China’s manufacturing activity was the strongest in four months in July as companies boosted inventories to meet higher demand, especially from abroad, a Caixin survey showed on Tuesday.
The Caixin China General Manufacturing Purchasing Managers’ Index (PMI) — closely watched by investors as one of the first available indicators every month of the strength of the Chinese economy — rose to 51.1 last month from 50.4 in June, the highest reading since March. A number above 50 indicates expansion, while anything below 50 points to contraction.
“Operating conditions in the manufacturing sector improved further in July, suggesting the economy’s growth momentum will be sustained,” said Zhong Zhengsheng, director of macroeconomic analysis at CEBM Group, a subsidiary of Caixin Insight Group. “That said, it’s unlikely that financial regulatory tightening will be relaxed.”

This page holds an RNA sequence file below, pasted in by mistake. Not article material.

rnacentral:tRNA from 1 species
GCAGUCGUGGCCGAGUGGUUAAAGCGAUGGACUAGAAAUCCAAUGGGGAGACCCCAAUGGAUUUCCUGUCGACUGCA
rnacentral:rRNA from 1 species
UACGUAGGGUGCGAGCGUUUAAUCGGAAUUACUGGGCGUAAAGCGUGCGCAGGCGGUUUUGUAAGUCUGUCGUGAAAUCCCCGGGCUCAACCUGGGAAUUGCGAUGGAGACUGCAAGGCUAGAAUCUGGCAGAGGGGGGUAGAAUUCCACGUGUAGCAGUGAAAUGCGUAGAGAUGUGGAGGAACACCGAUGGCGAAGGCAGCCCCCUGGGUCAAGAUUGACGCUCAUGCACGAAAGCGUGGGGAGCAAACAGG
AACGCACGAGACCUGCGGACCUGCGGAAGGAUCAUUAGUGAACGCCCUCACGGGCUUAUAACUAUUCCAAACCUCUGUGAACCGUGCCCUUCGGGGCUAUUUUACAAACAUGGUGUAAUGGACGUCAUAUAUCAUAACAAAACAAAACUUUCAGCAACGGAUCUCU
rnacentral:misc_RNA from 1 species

Zhong was referring to the government’s drive since August 2016 to contain credit risks in the financial sector, particularly the “shadow banking” industry and wealth management products, as authorities seek to direct funds away from speculation in financial markets and property and toward investment in projects that generate real economic activity.
Last month, President Xi Jinping told the National Financial Work Conference, a meeting held every five years to map out financial reform, that the financial industry must act in the best interests of the real economy and “allocate more financial resources to the key areas and weak links in economic and social development.”
The pickup in manufacturing activity seen in the Caixin survey contrasts with the decline in the official manufacturing PMI released by the National Bureau of Statistics (NBS) on Monday. The government index fell to 51.4 in July from 51.7 the previous month, the first drop since April, amid weaker foreign demand for Chinese goods and slower growth in output.